Is there any credence to the idea that acting morally works in evolutionary terms, i.e., that it helps preserve the unity and survival of a co-dependent group?
If this is the case, surely talk of absolute morality derived from religious scriptures is worthless, and our morality is just a refined survival technique.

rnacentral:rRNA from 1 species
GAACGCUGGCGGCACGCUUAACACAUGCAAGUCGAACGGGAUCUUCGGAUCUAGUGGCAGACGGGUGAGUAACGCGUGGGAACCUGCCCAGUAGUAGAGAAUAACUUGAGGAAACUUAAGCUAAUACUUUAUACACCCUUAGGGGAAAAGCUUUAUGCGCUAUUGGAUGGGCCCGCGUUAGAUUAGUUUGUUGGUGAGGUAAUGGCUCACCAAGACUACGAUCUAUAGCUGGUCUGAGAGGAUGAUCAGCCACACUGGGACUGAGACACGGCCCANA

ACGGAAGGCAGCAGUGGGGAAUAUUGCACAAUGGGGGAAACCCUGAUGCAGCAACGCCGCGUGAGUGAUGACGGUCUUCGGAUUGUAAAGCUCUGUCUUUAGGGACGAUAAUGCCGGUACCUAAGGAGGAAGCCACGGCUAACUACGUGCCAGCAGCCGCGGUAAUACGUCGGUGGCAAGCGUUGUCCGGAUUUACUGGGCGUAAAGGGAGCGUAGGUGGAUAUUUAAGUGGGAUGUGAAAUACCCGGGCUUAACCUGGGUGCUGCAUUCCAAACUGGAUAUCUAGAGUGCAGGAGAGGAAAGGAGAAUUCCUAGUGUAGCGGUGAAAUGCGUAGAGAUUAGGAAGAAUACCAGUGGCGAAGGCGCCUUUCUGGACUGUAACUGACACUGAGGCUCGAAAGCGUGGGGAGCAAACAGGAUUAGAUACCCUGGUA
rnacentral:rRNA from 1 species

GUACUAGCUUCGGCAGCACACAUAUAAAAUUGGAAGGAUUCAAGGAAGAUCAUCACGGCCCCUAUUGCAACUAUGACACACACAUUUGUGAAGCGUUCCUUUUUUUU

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It may well be that there's an evolutionary story to be told about how we come to adopt moral codes and so on. But your question, as I'm reading it, is whether this undermines the objectivity of morality -- leads to the conclusion that our moral views are neither correct nor incorrect, or something like that. In fact, the two issues seem quite distinct. Compare: No doubt our ability to sort things by shape evolved and helps us survive. But that doesn't mean things don't really have shapes, nor that our beliefs about shapes are somehow flawed or empty or merely a "refined survival technique." There's a third strand to be separated out here. If there is such a thing as objective morality, what makes it objective isn't the fact that it's to be found in some scripture or other. On the one hand, none of us needs scripture to be convinced that wanton cruelty is wrong. And on the other hand, some things called for in some scriptures don't seem right on reflection at all. To sum up, what evolution...